The Encyclopedia of Fantastic Victoriana

by Jess Nevins

The Scarlet Letter (1850)

copyright © Jess Nevins 2022

The Scarlet Letter was written by Nathaniel Hawthorne and was published in 1850. Hawthorne (1804-1864) was one of the two or three most important American writers of fiction in the first half of the nineteenth century.

In the early days of the Massachusetts Colony a young woman, Hester Prynne, is condemned to wear on the breast of her gown The Scarlet Letter “A,” for adulterer. She stands on the stocks for three hours, alone but for her infant daughter Pearl, for all of Boston to see her. No one knows who fathered Pearl, only that it was not Hester’s husband, who is thought to be dead, and Hester will not give up his name. While Hester is standing there an old, nearly deformed man appears from out of the forest, and he later visits her in jail. Although he calls himself Roger Chillingworth, he is actually Hester’s husband, but she refuses to tell him who fathered Pearl. He tells her not to divulge his true identity, and that he will spend the rest of his days trying to identify Pearl’s father.

Hester takes a house on the outskirts of town and lives the life of a scandalous exile from society, patiently bearing the slights and gibes of the other Puritans. Chillingworth meanwhile moves in with Arthur Dimmesdale, the local reverend, and tends to Dimmesdale’s health. Chillingworth perceives that there is some secret that Dimmesdale is hiding, but Dimmesdale, when he tells his parishioners that he is a sinner, is only the more highly thought of by them. Chillingworth begins to suspect that Dimmesdale is Pearl’s father, and one night, when Dimmesdale joins Hester and Pearl on the pillory, Chillingworth sees them together. Hester begs Chillingworth to be merciful to Dimmesdale, but Chillingworth refuses. Hester and Dimmesdale meet in the forest and agree to leave America for Europe together after Dimmesdale preaches his sermon on Election Day. But on Election Day, when Dimmesdale publicly takes Hester and Pearl’s hand, he is obviously extremely ill, and after confessing his guilt to the public he dies—but as he does, he exposes his breast, where witnesses say that a scarlet A was imprinted on the flesh there. Chillingworth, robbed of his vengeance, dies within the year, and Hester and Pearl leave the colony, although Hester eventually returns there to live out her days.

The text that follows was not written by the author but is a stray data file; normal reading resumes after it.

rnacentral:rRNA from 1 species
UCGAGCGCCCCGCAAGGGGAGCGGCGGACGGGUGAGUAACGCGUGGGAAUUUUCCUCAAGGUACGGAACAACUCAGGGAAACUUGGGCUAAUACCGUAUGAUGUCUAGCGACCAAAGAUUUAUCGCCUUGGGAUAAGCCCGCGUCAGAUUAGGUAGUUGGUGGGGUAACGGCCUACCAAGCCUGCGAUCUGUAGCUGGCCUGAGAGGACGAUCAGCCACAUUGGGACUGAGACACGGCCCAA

The Scarlet Letter is historically important. It is generally regarded as the first great American novel, and some critics describe it as one of the ten best American novels ever. Even if the latter is not so, it is true that The Scarlet Letter is a work of cumulative power.

The Scarlet Letter’s place in history remains assured. It was the first American best- seller and the first American masterpiece, and creates, in Hester Prynne, what Harold Bloom calls “the American Eve”:

For Hester is, in many ways, the American Eve, the Emersonian vision that atones for our lack of any adequate representation of the American Adam. Like Milton’s own Eve, Hester is far superior to her fate, and imaginatively preferable to Adam’s (and Milton’s) God. Hawthorne subtly conveys Hester’s sexual power to us, with far less ambivalence than Milton manifests in celebrating Eve’s sexual strength. Sensual and tragic, Hester is larger than her book and her world, because her greatness of spirit, like her heroic sexuality, is ill served by the terrible alternatives of the Satanic Chillingworth (Iago’s understudy) and the timid Dimmesdale, an absurdly inadequate adulterous lover for the sublime Hester.